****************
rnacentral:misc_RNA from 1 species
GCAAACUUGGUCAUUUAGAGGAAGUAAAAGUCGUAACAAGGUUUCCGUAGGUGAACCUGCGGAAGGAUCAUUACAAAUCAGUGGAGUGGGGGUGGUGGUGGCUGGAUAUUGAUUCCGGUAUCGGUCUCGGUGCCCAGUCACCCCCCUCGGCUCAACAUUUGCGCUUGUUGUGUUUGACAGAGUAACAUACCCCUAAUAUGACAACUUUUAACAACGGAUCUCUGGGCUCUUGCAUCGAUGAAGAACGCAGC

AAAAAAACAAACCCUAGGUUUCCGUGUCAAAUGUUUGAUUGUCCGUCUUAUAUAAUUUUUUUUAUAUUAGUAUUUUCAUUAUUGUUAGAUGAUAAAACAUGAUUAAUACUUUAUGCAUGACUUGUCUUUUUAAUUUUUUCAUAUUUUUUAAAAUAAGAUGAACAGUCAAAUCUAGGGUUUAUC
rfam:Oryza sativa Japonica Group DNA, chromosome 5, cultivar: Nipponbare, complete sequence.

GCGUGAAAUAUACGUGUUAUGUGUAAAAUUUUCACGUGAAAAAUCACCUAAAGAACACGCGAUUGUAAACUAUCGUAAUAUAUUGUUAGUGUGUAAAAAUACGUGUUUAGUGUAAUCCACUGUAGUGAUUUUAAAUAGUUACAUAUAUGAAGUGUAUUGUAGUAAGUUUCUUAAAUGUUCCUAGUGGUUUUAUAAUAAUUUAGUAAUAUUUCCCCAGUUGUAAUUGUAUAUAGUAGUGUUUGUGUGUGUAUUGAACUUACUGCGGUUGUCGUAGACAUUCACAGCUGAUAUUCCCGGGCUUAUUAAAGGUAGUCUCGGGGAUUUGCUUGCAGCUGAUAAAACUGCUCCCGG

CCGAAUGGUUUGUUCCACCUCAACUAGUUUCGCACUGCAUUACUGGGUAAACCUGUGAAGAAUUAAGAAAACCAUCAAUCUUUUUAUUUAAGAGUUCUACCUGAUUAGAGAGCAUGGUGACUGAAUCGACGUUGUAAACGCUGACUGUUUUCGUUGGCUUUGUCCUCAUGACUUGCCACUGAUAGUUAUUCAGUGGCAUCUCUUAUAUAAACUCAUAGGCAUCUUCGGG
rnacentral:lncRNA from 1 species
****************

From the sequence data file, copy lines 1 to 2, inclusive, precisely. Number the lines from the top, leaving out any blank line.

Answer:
rnacentral:misc_RNA from 1 species
GCAAACUUGGUCAUUUAGAGGAAGUAAAAGUCGUAACAAGGUUUCCGUAGGUGAACCUGCGGAAGGAUCAUUACAAAUCAGUGGAGUGGGGGUGGUGGUGGCUGGAUAUUGAUUCCGGUAUCGGUCUCGGUGCCCAGUCACCCCCCUCGGCUCAACAUUUGCGCUUGUUGUGUUUGACAGAGUAACAUACCCCUAAUAUGACAACUUUUAACAACGGAUCUCUGGGCUCUUGCAUCGAUGAAGAACGCAGC